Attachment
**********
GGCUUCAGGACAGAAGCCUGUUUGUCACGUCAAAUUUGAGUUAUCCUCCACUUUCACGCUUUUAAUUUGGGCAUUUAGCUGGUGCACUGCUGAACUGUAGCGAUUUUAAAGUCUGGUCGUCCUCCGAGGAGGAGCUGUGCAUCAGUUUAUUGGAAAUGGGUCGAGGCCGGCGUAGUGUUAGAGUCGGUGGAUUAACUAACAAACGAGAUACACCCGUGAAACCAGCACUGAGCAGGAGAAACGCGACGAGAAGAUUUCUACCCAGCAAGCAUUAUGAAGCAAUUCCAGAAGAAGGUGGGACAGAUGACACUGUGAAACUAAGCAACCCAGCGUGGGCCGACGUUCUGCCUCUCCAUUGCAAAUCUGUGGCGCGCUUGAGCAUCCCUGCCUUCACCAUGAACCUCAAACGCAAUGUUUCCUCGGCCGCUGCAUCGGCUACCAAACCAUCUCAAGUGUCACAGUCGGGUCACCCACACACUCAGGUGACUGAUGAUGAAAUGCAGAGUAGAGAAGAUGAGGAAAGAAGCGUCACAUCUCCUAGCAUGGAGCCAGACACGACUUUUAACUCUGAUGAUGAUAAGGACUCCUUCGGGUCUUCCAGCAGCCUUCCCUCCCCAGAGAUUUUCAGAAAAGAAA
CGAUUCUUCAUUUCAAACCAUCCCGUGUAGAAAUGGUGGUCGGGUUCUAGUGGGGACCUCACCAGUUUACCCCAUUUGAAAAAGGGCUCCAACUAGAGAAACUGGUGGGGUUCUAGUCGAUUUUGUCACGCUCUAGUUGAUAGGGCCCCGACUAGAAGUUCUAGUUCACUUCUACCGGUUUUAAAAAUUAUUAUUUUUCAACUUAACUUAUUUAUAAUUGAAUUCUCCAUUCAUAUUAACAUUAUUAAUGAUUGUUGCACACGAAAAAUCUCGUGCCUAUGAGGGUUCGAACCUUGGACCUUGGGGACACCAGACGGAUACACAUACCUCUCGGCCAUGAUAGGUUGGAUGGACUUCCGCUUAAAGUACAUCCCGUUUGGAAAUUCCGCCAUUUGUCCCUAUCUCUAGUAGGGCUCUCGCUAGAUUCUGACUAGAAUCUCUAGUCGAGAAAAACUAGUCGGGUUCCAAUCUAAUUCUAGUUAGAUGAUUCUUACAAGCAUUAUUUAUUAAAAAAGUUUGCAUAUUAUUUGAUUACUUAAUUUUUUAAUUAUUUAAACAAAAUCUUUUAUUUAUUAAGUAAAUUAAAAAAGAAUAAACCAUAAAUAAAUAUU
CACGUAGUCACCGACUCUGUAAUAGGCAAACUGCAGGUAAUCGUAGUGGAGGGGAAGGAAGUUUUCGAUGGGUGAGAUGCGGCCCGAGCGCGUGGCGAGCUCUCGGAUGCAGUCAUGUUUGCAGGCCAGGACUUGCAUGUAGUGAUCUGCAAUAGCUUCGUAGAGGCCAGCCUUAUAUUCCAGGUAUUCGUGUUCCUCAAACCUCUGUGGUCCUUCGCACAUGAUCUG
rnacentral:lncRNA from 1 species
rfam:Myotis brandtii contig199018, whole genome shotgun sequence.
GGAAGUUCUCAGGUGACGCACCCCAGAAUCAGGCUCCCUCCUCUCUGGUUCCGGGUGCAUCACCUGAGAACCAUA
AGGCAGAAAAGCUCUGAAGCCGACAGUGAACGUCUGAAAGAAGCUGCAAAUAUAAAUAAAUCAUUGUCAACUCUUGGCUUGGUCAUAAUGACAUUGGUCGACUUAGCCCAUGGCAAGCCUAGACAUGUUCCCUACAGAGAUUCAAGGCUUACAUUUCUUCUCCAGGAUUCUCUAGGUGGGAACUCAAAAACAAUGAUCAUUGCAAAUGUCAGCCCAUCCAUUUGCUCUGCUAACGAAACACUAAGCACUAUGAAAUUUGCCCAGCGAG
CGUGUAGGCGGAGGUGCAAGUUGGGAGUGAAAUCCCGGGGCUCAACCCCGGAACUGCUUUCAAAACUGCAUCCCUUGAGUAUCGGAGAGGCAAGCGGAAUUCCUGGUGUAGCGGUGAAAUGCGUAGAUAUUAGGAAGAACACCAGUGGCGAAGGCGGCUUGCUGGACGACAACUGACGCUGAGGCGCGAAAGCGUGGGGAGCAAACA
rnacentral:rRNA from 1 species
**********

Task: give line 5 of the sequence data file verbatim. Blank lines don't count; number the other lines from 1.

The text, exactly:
rfam:Myotis brandtii contig199018, whole genome shotgun sequence.